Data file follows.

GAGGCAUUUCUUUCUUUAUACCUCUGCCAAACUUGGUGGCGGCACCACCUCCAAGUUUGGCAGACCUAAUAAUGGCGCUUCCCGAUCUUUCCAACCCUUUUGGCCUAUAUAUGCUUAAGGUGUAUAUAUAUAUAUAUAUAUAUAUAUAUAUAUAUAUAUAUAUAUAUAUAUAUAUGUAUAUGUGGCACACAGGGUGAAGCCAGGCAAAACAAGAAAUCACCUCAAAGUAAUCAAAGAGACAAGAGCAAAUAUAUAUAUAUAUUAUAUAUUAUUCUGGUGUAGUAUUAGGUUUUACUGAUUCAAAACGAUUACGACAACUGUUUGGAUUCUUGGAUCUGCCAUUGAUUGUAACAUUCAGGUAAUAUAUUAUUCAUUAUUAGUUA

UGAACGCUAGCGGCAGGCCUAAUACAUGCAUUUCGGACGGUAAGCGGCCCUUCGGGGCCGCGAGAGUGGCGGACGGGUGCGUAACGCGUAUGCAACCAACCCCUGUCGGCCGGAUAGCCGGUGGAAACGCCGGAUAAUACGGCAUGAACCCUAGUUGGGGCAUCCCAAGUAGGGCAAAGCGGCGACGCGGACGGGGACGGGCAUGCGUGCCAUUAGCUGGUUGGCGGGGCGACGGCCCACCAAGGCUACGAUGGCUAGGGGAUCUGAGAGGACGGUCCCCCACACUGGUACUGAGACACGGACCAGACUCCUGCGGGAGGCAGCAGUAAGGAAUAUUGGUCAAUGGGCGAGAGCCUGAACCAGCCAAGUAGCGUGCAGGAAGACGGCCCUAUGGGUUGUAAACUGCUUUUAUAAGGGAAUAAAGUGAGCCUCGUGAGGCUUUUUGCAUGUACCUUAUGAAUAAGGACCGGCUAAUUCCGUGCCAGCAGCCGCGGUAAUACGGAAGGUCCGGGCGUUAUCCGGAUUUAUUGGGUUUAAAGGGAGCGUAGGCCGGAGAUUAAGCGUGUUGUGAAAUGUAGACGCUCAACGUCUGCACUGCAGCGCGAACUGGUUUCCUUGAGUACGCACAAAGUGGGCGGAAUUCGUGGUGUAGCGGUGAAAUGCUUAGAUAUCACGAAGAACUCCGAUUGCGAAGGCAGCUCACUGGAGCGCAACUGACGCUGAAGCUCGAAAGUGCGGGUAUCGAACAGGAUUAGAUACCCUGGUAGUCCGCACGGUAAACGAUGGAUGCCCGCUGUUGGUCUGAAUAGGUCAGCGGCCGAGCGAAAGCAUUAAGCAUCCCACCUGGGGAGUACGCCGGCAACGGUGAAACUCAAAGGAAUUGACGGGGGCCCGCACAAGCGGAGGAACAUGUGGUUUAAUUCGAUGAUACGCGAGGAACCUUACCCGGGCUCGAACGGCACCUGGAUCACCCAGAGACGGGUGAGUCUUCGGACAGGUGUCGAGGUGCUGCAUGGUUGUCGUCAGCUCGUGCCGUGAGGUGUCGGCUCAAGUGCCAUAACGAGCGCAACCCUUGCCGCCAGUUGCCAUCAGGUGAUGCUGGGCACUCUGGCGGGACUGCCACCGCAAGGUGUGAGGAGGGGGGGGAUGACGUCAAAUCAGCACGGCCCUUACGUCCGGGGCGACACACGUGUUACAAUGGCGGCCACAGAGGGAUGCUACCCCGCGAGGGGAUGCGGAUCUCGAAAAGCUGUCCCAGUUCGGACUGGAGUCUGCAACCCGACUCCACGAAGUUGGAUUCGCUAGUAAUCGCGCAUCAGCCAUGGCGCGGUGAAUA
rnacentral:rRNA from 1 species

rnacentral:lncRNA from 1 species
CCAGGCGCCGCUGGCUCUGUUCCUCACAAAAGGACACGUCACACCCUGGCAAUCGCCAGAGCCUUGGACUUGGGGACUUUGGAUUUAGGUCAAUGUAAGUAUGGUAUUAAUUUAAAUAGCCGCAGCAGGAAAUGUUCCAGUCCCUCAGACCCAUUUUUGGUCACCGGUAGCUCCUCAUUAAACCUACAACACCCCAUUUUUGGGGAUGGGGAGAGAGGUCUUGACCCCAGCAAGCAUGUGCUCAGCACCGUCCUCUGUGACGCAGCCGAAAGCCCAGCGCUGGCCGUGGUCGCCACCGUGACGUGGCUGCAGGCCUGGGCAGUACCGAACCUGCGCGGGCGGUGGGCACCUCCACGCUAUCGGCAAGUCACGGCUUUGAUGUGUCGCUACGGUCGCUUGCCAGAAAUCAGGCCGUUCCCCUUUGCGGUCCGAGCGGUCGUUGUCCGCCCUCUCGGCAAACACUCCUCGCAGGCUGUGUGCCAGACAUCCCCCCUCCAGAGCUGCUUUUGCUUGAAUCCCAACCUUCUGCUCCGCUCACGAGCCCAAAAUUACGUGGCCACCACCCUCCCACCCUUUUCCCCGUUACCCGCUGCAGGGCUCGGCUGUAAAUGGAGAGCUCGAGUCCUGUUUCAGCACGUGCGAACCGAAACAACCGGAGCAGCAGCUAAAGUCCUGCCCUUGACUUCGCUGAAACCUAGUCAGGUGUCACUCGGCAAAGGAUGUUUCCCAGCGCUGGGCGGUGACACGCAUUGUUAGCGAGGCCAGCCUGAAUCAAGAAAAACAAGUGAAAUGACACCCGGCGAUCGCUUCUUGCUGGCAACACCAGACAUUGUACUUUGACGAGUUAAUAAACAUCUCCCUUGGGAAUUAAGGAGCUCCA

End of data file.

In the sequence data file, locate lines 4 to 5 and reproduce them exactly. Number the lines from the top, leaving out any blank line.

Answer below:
rnacentral:lncRNA from 1 species
CCAGGCGCCGCUGGCUCUGUUCCUCACAAAAGGACACGUCACACCCUGGCAAUCGCCAGAGCCUUGGACUUGGGGACUUUGGAUUUAGGUCAAUGUAAGUAUGGUAUUAAUUUAAAUAGCCGCAGCAGGAAAUGUUCCAGUCCCUCAGACCCAUUUUUGGUCACCGGUAGCUCCUCAUUAAACCUACAACACCCCAUUUUUGGGGAUGGGGAGAGAGGUCUUGACCCCAGCAAGCAUGUGCUCAGCACCGUCCUCUGUGACGCAGCCGAAAGCCCAGCGCUGGCCGUGGUCGCCACCGUGACGUGGCUGCAGGCCUGGGCAGUACCGAACCUGCGCGGGCGGUGGGCACCUCCACGCUAUCGGCAAGUCACGGCUUUGAUGUGUCGCUACGGUCGCUUGCCAGAAAUCAGGCCGUUCCCCUUUGCGGUCCGAGCGGUCGUUGUCCGCCCUCUCGGCAAACACUCCUCGCAGGCUGUGUGCCAGACAUCCCCCCUCCAGAGCUGCUUUUGCUUGAAUCCCAACCUUCUGCUCCGCUCACGAGCCCAAAAUUACGUGGCCACCACCCUCCCACCCUUUUCCCCGUUACCCGCUGCAGGGCUCGGCUGUAAAUGGAGAGCUCGAGUCCUGUUUCAGCACGUGCGAACCGAAACAACCGGAGCAGCAGCUAAAGUCCUGCCCUUGACUUCGCUGAAACCUAGUCAGGUGUCACUCGGCAAAGGAUGUUUCCCAGCGCUGGGCGGUGACACGCAUUGUUAGCGAGGCCAGCCUGAAUCAAGAAAAACAAGUGAAAUGACACCCGGCGAUCGCUUCUUGCUGGCAACACCAGACAUUGUACUUUGACGAGUUAAUAAACAUCUCCCUUGGGAAUUAAGGAGCUCCA